Amanda Price is a former state legislator and a member of the governor’s PreK-12 Literacy Commission. Today, she serves as the treasurer for Ottawa County.
It would be hard for anyone not to be moved by Ron French’s recent story in Bridge Magazine on the effort being made by a young girl named Sabrina to learn to read. According to French’s report, Sabrina, a third-grade student in the Pontiac public school system, has lost three talented teachers in the middle of the school year – each of her teachers in kindergarten, first and second grade – leaving her education unexpectedly floundering in the hands of long-term substitutes, sometimes for months at a time.
Uncertainty in the front of the classroom has dealt Sabrina an incredibly challenging hand, but with the help of her loving and dedicated mom and an obviously talented and caring third-grade teacher, Sabrina is fighting to make progress.
Bridge Magazine does students and teachers a disservice, however, with the article’s tone and approach toward one particular piece of recent state policy that’s playing an important part in meeting the needs of students like Sabrina who are working hard to read.
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- Opinion | Let’s get strategic in improving third-grade reading in Michigan
- Opinion | Don’t gut the third-grade reading law; give it a chance to work
- Opinion | Don’t flunk lagging Michigan third-grade readers – reduce class size
Michigan’s Read by Grade 3 Law isn’t some scary new policy looming over local students – it’s an essential reform that’s already yielding real results that benefit Michigan kids.
The law, passed in 2016, was designed to give struggling readers the help they need to read by grade level before entering fourth grade. The law set up systems and metrics to help identify struggling readers (early in kindergarten, and early in the school year) and provides heavyweight reading supports for those students who might need them.
Schools are empowered by the law to offer targeted and individual support and resources, including literacy coaches, unique reading intervention programs, student-focused reading improvement plans, and more.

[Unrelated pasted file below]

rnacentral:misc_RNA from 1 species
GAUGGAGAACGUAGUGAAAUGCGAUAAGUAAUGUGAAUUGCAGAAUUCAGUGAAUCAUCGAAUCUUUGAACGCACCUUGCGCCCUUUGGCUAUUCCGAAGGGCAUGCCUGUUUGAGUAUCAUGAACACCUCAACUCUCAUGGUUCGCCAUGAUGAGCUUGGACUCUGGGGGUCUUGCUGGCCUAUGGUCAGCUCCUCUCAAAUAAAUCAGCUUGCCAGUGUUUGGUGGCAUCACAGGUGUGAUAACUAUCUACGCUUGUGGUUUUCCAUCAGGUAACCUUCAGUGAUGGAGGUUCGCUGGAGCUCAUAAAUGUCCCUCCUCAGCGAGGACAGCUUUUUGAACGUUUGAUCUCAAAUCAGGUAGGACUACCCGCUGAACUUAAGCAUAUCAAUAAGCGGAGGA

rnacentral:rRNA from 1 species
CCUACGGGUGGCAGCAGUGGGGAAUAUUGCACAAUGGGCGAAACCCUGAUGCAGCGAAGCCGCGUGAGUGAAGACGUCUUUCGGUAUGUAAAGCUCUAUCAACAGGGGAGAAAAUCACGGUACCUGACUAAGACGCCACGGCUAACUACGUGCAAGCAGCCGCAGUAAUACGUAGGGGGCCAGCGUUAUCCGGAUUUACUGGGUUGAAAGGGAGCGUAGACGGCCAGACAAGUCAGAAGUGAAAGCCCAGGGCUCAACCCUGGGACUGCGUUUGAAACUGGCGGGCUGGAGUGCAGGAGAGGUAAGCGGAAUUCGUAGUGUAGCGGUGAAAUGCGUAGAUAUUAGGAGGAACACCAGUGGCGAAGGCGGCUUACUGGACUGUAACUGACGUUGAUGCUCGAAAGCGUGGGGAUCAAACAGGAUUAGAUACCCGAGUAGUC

Under the law, a child could also be retained if the student is more than one grade level behind in their reading abilities. This would equate to a child at the end of their third-grade year reading at the level of a midyear second-grader. A child reading at this level would not be equipped to do the work of a fourth-grader if they were promoted.
According to Bridge, about 5,000 students could potentially face retention at the end of 2019-2020 school year, including many who would have been retained even without the new law.
It is important to remember, though, that the law features a broad variety of “good cause exemptions” that would allow unprepared students to advance, even against the advice of their teachers. These exemptions include but are not limited to a student showing proficiency on an alternative test to the M-STEP, or showing proficiency by a student portfolio.
Sabrina’s story is evidence that the law is working. French’s story highlights how Sabrina’s teacher held a meeting with the student and her mother early this school year, shared with mother and daughter the results of tests designed to help identify struggling readers, and talked through opportunities for Sabrina and her family to improve the results.
Early identification and interventions like these couldn’t be more important. Study after study have shown how important it is that students read at grade level before entering the fourth grade. Those who can’t are four times more likely to not graduate high school.
Students like Sabrina deserve better. It’s a tragedy when our schools fail to reach them, and one with potentially lifelong consequences. It’d also be a tragedy if bureaucrats or special interests were able to scare reformers out of offering students a helping hand.
Fifty-five percent of Michigan’s third-graders are not proficient in reading. The Read by 3rd Grade Law helps to ensure no child falls through the cracks. It is a law designed to help pick up the slack, when students need help, or when they get dealt a poor hand in the classroom year after year. It’s designed to identify and lift up students who’ve been let down, or watched teachers leave the classroom again and again.
If Sabrina’s story is any indication, it’s a law that’s working, too.